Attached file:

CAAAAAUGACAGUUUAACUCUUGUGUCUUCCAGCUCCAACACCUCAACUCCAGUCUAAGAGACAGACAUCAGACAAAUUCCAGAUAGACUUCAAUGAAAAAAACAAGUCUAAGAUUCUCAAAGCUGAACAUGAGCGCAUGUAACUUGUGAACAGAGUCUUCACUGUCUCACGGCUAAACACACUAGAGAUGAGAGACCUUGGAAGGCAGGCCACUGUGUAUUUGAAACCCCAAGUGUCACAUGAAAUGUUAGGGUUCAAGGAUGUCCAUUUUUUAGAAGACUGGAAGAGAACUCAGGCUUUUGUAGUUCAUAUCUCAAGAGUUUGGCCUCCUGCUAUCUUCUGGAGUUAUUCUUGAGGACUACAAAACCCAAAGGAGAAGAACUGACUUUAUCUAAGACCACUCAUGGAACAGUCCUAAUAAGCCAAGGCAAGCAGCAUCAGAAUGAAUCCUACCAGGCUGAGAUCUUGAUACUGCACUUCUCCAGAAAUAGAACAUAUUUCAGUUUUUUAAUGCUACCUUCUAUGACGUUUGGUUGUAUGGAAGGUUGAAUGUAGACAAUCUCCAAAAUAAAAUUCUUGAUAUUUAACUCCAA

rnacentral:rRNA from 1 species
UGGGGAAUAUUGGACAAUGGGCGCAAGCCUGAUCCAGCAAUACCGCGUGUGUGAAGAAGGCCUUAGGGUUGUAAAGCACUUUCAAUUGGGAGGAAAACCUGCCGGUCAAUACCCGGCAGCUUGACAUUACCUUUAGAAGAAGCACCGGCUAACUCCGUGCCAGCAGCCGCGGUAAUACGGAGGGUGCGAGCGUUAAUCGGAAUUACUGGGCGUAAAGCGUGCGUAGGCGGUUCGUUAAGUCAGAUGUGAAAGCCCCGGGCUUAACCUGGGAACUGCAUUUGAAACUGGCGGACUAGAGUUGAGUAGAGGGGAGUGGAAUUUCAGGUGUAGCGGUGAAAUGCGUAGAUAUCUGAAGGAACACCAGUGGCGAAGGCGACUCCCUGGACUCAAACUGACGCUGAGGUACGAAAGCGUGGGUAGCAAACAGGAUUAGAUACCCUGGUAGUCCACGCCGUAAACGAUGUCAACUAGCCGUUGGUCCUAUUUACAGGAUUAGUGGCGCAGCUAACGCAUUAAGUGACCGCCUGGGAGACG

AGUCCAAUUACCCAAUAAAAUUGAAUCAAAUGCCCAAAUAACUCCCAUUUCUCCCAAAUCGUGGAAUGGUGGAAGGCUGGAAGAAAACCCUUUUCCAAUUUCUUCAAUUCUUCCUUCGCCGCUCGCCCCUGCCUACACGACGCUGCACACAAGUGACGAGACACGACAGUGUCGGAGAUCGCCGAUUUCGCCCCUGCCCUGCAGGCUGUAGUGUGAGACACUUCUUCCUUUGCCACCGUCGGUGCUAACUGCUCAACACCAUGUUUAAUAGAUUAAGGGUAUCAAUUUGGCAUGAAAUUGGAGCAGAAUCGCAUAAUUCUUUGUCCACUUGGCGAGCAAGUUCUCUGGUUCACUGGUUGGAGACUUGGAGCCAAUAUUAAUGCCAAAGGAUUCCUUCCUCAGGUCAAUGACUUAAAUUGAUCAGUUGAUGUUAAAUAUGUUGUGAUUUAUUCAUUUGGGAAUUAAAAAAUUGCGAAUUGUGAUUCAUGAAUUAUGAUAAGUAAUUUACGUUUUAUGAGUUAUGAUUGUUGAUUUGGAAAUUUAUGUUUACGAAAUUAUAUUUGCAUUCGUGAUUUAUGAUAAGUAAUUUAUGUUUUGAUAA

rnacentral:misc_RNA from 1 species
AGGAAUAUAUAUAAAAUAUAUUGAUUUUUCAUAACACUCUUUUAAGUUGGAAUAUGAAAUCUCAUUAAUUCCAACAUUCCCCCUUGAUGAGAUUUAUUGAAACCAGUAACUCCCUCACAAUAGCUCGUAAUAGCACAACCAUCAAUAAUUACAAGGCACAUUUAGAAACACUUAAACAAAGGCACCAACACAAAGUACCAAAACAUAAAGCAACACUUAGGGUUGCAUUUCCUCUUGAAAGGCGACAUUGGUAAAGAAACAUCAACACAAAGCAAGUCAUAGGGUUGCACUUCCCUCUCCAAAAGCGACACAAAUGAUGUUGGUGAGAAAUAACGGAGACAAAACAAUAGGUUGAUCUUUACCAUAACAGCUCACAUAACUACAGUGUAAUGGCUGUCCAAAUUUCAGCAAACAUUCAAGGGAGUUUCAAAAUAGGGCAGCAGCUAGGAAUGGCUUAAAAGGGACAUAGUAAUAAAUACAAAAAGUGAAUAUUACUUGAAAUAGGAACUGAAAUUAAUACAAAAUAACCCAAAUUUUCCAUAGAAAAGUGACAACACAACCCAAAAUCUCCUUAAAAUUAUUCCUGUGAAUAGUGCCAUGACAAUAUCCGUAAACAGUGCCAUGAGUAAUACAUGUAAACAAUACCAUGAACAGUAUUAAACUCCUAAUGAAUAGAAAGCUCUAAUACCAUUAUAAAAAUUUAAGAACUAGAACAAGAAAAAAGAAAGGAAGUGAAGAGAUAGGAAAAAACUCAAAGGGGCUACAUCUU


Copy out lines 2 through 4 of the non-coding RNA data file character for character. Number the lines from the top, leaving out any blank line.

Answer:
rnacentral:rRNA from 1 species
UGGGGAAUAUUGGACAAUGGGCGCAAGCCUGAUCCAGCAAUACCGCGUGUGUGAAGAAGGCCUUAGGGUUGUAAAGCACUUUCAAUUGGGAGGAAAACCUGCCGGUCAAUACCCGGCAGCUUGACAUUACCUUUAGAAGAAGCACCGGCUAACUCCGUGCCAGCAGCCGCGGUAAUACGGAGGGUGCGAGCGUUAAUCGGAAUUACUGGGCGUAAAGCGUGCGUAGGCGGUUCGUUAAGUCAGAUGUGAAAGCCCCGGGCUUAACCUGGGAACUGCAUUUGAAACUGGCGGACUAGAGUUGAGUAGAGGGGAGUGGAAUUUCAGGUGUAGCGGUGAAAUGCGUAGAUAUCUGAAGGAACACCAGUGGCGAAGGCGACUCCCUGGACUCAAACUGACGCUGAGGUACGAAAGCGUGGGUAGCAAACAGGAUUAGAUACCCUGGUAGUCCACGCCGUAAACGAUGUCAACUAGCCGUUGGUCCUAUUUACAGGAUUAGUGGCGCAGCUAACGCAUUAAGUGACCGCCUGGGAGACG

AGUCCAAUUACCCAAUAAAAUUGAAUCAAAUGCCCAAAUAACUCCCAUUUCUCCCAAAUCGUGGAAUGGUGGAAGGCUGGAAGAAAACCCUUUUCCAAUUUCUUCAAUUCUUCCUUCGCCGCUCGCCCCUGCCUACACGACGCUGCACACAAGUGACGAGACACGACAGUGUCGGAGAUCGCCGAUUUCGCCCCUGCCCUGCAGGCUGUAGUGUGAGACACUUCUUCCUUUGCCACCGUCGGUGCUAACUGCUCAACACCAUGUUUAAUAGAUUAAGGGUAUCAAUUUGGCAUGAAAUUGGAGCAGAAUCGCAUAAUUCUUUGUCCACUUGGCGAGCAAGUUCUCUGGUUCACUGGUUGGAGACUUGGAGCCAAUAUUAAUGCCAAAGGAUUCCUUCCUCAGGUCAAUGACUUAAAUUGAUCAGUUGAUGUUAAAUAUGUUGUGAUUUAUUCAUUUGGGAAUUAAAAAAUUGCGAAUUGUGAUUCAUGAAUUAUGAUAAGUAAUUUACGUUUUAUGAGUUAUGAUUGUUGAUUUGGAAAUUUAUGUUUACGAAAUUAUAUUUGCAUUCGUGAUUUAUGAUAAGUAAUUUAUGUUUUGAUAA